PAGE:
Purpose: The accuracy and temporal resolution of 4DCT imaging depends on temporal characteristics of the acquisition protocol like gantry rotation speed and image reconstruction interval, in addition to the spatial and temporal characteristics of the motion itself. Therefore, a generic acquisition protocol might not be suitable for all patients. The aim of this study is to evaluate the interplay between the parameters affecting the accuracy and temporal resolution of 4DCT images. Methods and Materials: Several 4DCT images were acquired of cylindrical phantoms under repetitive motion induced by a translation platform. Acquisition settings were varied with respect to image reconstruction interval, gantry rotation speed and motion period of the phantoms. Reconstructed images were sorted into ten phase bins and compared to CT images of static phantoms at corresponding positions of the respiration phase. Results: Acquisitions with different image reconstruction intervals did not play a significant role in the amount of motion observed in full cycle maximum intensity projection (MIP) images. Single‐phase image integrity was observed to be constant up to a threshold in the value of reconstruction interval, beyond which the image integrity varied somewhat arbitrarily due to the reduced number of images. This threshold is correlated with the number of phase bins and the motion period. Furthermore, image integrity was observed to improve with decreasing gantry rotation periods. Conclusions: Image integrity as evaluated in this study demonstrates relative gains with respect to changes in the temporal resolution parameters of 4DCT acquisition. Due to observed differences, we report that suboptimal settings could result in dramatic target delineation inaccuracies. Optimization of acquisition parameters needs to be performed, assessing the period of motion and limiting factors such as the availability of acquisition settings, image storage and processing power. Conflict of Interest: Sponsored in part by GE Healthcare.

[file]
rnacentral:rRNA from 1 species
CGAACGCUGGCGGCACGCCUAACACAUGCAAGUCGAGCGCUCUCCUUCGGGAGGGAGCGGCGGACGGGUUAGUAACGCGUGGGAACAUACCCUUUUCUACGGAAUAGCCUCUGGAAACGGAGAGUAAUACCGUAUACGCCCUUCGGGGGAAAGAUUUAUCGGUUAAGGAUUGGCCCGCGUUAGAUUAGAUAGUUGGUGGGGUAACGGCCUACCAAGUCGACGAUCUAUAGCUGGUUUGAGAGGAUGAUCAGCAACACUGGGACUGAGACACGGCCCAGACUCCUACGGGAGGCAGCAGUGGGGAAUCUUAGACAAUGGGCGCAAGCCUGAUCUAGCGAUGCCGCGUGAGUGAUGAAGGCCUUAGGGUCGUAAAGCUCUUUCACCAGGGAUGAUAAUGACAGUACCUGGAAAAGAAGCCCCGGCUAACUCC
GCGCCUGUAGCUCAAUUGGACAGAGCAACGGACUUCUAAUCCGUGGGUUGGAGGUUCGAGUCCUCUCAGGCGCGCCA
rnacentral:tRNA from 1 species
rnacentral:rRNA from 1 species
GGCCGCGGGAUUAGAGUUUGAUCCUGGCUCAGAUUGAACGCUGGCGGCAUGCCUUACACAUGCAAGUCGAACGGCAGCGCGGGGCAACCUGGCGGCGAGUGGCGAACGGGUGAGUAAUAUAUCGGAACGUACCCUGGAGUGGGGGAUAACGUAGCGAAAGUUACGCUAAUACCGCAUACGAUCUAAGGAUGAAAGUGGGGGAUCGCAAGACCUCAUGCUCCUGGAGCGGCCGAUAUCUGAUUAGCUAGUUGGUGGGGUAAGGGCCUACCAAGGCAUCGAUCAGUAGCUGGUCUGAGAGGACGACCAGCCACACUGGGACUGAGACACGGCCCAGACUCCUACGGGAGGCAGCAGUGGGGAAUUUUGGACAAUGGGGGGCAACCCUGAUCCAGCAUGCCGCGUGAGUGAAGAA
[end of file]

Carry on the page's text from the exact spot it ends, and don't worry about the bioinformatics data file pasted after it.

ASJC Scopus subject areas
- Radiology Nuclear Medicine and imaging